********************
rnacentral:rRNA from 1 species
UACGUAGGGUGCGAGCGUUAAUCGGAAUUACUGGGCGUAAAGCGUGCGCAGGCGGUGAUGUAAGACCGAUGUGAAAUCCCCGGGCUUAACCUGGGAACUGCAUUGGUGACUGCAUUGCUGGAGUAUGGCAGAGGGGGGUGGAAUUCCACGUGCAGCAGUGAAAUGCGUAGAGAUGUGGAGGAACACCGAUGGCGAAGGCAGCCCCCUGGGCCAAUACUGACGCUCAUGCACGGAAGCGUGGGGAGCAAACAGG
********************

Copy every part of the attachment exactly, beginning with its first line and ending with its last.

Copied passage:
rnacentral:rRNA from 1 species
UACGUAGGGUGCGAGCGUUAAUCGGAAUUACUGGGCGUAAAGCGUGCGCAGGCGGUGAUGUAAGACCGAUGUGAAAUCCCCGGGCUUAACCUGGGAACUGCAUUGGUGACUGCAUUGCUGGAGUAUGGCAGAGGGGGGUGGAAUUCCACGUGCAGCAGUGAAAUGCGUAGAGAUGUGGAGGAACACCGAUGGCGAAGGCAGCCCCCUGGGCCAAUACUGACGCUCAUGCACGGAAGCGUGGGGAGCAAACAGG